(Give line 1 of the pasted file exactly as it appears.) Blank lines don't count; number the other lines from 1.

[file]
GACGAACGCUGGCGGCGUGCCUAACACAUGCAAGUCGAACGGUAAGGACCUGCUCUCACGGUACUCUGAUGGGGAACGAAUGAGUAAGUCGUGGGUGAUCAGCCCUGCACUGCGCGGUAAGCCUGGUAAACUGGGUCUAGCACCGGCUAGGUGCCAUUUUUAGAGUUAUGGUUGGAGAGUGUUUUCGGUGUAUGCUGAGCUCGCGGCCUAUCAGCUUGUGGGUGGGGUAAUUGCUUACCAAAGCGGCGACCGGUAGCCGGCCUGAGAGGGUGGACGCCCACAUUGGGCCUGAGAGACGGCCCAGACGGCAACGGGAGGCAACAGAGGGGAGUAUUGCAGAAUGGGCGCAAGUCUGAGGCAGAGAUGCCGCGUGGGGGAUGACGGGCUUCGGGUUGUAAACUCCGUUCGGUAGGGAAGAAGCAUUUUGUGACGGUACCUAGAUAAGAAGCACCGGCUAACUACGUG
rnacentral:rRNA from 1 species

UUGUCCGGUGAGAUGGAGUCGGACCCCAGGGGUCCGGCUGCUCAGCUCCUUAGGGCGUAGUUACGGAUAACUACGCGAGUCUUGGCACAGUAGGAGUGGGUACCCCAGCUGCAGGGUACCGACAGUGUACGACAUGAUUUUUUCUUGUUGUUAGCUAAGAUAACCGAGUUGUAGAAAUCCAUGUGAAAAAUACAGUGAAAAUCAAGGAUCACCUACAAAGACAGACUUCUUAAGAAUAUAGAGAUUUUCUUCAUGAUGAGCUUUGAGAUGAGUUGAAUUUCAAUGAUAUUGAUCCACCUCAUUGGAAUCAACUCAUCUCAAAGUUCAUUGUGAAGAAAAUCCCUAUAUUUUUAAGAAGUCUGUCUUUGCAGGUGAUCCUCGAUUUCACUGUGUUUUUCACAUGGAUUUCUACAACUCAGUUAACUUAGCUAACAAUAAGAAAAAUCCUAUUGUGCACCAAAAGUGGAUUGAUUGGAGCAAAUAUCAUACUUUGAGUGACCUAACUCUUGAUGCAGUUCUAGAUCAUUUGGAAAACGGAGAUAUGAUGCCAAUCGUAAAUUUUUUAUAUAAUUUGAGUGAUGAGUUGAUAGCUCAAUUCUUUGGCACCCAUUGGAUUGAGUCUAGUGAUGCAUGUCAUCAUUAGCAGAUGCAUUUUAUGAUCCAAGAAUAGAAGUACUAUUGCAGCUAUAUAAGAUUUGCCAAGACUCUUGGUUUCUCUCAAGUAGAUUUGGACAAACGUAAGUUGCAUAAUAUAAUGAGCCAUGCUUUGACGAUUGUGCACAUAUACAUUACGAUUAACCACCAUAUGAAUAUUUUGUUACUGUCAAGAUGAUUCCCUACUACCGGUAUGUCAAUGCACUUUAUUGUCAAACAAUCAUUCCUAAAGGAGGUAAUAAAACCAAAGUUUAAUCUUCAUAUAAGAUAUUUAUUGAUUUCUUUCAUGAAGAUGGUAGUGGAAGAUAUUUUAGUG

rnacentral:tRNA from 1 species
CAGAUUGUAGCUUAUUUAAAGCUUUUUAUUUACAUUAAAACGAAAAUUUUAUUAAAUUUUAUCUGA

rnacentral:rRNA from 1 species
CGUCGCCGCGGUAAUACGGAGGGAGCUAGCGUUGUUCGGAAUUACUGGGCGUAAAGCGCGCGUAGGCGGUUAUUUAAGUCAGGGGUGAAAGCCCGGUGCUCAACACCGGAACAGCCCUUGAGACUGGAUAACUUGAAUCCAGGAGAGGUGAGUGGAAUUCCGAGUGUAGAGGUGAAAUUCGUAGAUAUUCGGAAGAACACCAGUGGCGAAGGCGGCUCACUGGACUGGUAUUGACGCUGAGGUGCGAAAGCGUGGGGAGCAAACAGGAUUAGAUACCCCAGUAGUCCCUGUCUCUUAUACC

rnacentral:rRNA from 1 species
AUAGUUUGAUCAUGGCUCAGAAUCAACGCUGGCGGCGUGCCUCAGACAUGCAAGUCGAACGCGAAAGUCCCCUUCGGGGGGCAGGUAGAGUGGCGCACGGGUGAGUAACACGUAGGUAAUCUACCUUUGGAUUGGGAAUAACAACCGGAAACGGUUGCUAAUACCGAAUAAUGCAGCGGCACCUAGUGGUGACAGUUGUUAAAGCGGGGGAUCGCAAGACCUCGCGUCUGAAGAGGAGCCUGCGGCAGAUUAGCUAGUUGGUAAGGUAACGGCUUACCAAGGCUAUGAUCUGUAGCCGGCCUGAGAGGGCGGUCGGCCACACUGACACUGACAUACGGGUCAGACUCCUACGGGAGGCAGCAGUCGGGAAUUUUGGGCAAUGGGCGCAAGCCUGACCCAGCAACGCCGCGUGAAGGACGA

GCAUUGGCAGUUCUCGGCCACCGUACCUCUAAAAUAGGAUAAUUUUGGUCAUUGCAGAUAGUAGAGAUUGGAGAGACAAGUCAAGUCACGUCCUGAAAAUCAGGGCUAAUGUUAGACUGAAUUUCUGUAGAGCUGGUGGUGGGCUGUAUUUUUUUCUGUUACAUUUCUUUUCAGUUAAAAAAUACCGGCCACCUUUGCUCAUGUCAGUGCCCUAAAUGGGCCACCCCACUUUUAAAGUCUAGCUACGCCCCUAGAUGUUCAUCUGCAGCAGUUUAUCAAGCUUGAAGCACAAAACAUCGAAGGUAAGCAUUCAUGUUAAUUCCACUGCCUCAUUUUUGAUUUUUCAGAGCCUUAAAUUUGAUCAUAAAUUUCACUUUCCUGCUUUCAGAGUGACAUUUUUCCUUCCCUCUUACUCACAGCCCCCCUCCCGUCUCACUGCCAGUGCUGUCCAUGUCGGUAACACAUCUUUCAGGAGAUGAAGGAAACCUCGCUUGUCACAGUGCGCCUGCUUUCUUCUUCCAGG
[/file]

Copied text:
GACGAACGCUGGCGGCGUGCCUAACACAUGCAAGUCGAACGGUAAGGACCUGCUCUCACGGUACUCUGAUGGGGAACGAAUGAGUAAGUCGUGGGUGAUCAGCCCUGCACUGCGCGGUAAGCCUGGUAAACUGGGUCUAGCACCGGCUAGGUGCCAUUUUUAGAGUUAUGGUUGGAGAGUGUUUUCGGUGUAUGCUGAGCUCGCGGCCUAUCAGCUUGUGGGUGGGGUAAUUGCUUACCAAAGCGGCGACCGGUAGCCGGCCUGAGAGGGUGGACGCCCACAUUGGGCCUGAGAGACGGCCCAGACGGCAACGGGAGGCAACAGAGGGGAGUAUUGCAGAAUGGGCGCAAGUCUGAGGCAGAGAUGCCGCGUGGGGGAUGACGGGCUUCGGGUUGUAAACUCCGUUCGGUAGGGAAGAAGCAUUUUGUGACGGUACCUAGAUAAGAAGCACCGGCUAACUACGUG